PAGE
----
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Fights Without A Crowd Could Benefit Unlikely Fighters?

We have all heard the phrase ‘don’t leave it in the gym’.

What most might not know is the ability some might have in the gym, being a Mike Tyson-like figure in the gym only to be seen as a stepping stone in professional boxing looking like a shell of themselves or say King Hippo rather than Tyson, himself, come fight night. 

Sure, things like overtraining from lack of confidence in one’s self, the ability to adapt to familiar situations as opposed to unfamiliar, and also the pressure of living up to one’s potential on any given night with added pressure from the crowd, i.e. what is called “a gamer” in other sports, the ability raise one’s ability on the fight night. Let’s focus on the biggest variable – the crowd, and how many people, skilled at their craft, will engage in a fist-fight in front of a lot of people, which the activity itself is trauma-inducing, now add the spectators, it is more so.

The very nature of being a professional boxer up until this year was two things; 1) you show up and make a contracted weight and 2) you fight in front of a live audience that will pay to see the fight, but doesn’t literally know you for the most part.

Let’s rewind to the crowd part.

That might be a variable that many fighters, who border on the lines of self-destruction and self-doubt already, might be a kicker for their career. A silent and unseen enemy that could be the one that has KOed their chances at a six-figure payday.

Some of the greats get off the deck or become resilient when a fight is going bad, but when you have lost two or three times after being a solid amateur, one can’t help, but think that a feeling of “Oh No! Not this again,” overtaking a fighter looking to elevate from a local boxing legend to a marquee name in the sport of boxing, as the mental aspect is often the bridge most have to walk and/or climb. Add to the fact, that boxing no longer rewards those who take chances and obtain a loss to a fighter’s record is viewed as dramatically hurting the capital you can earn, making each risk taken by a smart manager-fighter combo, highly calculated.

In MMA, Donald “Cowboy” Cerrone is infamously known for doing better on short-notice fights as he has publicly stated that the mental side of fighting can affect his performance. To understand how this is magnified in boxing is understanding a basic boxing structure, I am assuming most don’t understand or will go over it now, just to clarify.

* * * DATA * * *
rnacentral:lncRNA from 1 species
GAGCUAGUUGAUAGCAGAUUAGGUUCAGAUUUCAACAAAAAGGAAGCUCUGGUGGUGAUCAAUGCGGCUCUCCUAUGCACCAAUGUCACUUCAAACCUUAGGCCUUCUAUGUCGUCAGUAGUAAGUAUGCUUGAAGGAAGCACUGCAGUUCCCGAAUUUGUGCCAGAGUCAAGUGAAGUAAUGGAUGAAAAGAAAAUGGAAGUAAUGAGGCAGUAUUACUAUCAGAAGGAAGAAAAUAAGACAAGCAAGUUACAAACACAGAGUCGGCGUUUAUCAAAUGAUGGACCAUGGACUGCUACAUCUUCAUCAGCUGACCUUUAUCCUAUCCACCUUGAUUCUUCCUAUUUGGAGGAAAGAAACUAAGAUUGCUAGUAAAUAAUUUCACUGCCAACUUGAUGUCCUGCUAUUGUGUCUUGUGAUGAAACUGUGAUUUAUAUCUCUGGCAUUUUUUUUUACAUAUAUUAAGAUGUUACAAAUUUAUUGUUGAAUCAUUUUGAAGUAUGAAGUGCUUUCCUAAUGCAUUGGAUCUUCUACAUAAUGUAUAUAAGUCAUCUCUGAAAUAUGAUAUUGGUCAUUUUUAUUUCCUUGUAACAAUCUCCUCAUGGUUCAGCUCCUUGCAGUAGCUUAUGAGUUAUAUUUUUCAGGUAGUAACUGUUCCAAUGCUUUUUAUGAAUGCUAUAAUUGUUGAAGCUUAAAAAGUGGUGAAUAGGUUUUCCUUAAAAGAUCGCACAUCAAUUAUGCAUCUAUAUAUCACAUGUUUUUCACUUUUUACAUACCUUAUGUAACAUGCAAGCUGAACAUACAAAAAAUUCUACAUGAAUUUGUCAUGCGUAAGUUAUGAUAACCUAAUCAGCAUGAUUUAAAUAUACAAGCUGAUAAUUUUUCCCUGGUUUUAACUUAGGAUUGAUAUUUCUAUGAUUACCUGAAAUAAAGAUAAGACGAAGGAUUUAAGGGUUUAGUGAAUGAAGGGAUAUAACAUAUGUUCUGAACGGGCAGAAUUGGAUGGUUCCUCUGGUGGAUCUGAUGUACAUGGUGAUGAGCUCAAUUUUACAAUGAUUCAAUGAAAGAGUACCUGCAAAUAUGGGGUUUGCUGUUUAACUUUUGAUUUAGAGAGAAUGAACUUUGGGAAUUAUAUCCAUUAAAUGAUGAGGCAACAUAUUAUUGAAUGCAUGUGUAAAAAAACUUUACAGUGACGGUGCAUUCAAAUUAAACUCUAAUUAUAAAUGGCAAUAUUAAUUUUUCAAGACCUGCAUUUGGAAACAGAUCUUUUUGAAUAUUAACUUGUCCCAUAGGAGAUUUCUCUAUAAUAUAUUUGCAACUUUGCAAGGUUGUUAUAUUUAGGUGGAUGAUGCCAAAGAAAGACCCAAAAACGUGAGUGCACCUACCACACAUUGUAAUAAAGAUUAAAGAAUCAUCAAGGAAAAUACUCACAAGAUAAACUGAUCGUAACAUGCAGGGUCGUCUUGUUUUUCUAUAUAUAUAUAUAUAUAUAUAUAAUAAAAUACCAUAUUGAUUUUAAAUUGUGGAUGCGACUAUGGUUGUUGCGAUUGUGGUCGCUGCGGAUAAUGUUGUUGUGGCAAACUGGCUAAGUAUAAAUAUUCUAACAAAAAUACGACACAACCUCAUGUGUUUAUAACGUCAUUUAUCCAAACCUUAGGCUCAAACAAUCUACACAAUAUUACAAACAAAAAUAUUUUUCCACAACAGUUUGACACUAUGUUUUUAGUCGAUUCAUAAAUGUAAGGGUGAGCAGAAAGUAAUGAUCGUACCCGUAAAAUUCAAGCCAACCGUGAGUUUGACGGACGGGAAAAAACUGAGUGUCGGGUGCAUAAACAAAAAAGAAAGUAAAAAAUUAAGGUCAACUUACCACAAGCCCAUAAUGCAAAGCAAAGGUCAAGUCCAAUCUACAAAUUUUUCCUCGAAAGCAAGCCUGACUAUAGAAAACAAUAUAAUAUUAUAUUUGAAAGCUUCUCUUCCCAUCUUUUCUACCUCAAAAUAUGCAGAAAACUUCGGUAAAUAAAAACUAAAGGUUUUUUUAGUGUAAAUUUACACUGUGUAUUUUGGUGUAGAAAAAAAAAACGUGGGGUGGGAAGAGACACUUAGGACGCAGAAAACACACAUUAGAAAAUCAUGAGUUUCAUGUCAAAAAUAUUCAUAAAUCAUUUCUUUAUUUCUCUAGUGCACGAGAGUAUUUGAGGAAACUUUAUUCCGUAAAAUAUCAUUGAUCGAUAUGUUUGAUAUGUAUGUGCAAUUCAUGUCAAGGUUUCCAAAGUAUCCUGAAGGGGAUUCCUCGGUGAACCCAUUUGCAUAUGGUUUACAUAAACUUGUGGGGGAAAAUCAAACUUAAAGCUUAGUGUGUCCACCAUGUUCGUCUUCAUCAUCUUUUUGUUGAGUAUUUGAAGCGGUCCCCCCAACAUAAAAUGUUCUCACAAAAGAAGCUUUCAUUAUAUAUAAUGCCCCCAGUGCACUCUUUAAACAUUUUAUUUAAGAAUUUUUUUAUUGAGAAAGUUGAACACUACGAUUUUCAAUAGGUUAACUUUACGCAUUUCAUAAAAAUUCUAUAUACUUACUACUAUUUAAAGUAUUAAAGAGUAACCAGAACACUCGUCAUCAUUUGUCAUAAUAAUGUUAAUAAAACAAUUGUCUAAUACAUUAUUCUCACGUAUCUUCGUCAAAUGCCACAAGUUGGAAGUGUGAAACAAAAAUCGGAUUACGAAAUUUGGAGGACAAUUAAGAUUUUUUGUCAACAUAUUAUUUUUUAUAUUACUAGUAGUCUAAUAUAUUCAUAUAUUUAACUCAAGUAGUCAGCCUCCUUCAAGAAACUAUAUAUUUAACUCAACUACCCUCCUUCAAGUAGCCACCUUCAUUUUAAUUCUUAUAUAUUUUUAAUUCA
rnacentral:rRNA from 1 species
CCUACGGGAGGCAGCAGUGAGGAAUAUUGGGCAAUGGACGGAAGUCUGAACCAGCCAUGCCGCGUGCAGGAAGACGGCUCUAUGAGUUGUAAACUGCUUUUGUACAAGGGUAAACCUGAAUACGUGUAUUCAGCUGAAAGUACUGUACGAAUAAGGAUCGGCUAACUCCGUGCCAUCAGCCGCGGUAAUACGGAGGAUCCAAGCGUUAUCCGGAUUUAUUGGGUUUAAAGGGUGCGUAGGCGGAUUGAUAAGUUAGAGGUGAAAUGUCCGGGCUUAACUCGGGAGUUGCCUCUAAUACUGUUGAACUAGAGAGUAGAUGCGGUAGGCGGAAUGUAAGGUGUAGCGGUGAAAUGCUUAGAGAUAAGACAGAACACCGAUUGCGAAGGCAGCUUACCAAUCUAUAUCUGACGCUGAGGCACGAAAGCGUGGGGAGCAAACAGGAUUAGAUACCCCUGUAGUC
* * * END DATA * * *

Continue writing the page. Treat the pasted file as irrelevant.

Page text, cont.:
For Top Rank, PBC, Golden Boy, Matchroom USA, and any major promoter, they have their signed fighters, and then look to guide them through competitive and fan-pleasing bouts to a world-title in which the fights with their own fighters or fighters from other promotions will make themselves. If you’re in the wrong corner, and unsigned by the promoter, fighting their fighter in a ten-round fight, with the deck stacked against you, it takes great mental strength to fight in front of the other fighter’s fans and achieve like how you have in the gym.

Enter the disease of COVID-19.

Fights now will be budgeted differently, and the logistics of these bouts will be nightmares. That being said, could discomfort, global uneasy, and unsteady training circumstances, for example, many professional fighters don’t have a gym to train in currently, could this benefit the fighters who have always been beaten before entering the ring on fight night.

On the terms of anonymity a few fighters who could fall around this category, whom I spoke to, but am withholding their name so the general fight fan will not label them as a lesser fighter, saw the prospects of these bouts as exciting. One even expressed that it will feel much more familiar and normal then a professional fight, as their career had seen large gaps of inactivity despite being in the gym daily training, as management issues, lack of a steady promoter, and a loss on their record hurt their career. 

On the other side, some fighters feel as though they have made it once they got signed by a major promoter. That being said, they haven’t.

This pandemic could see some fighters in ideal spots training, but not learning. What I mean by that is, they are keeping their body in shape, but might be doing so alone, focusing on fitness goals and/or things in the gym they excel at, but without another set of eyes helping with what is needed to change. The biggest cardinal sin in boxing in terms of training, besides not training often, is to train yourself and/or for the fighter to run their own camp, once that happens the margin for error becomes thin. Fighters who opt to run their camps during and after this pandemic quite possibly could be the most vulnerable and could seem themselves losing and without a promoter in the next year.

 For those expect boxing bouts of the past or classic, I hate to break it to you, but that is not what you’re going to see. Fighters timing will be iffy in a lot of bouts, outside of big money fighters, and the pace might be dramatically slower based on the new conditions we live in.

In short, without writing too many words, the new conditions might create a new playing field which then in return could produce unexpected results. In short, boxing might get a bit more interesting over the next months as we return.

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Lukie Ketelle

Lukie Ketelle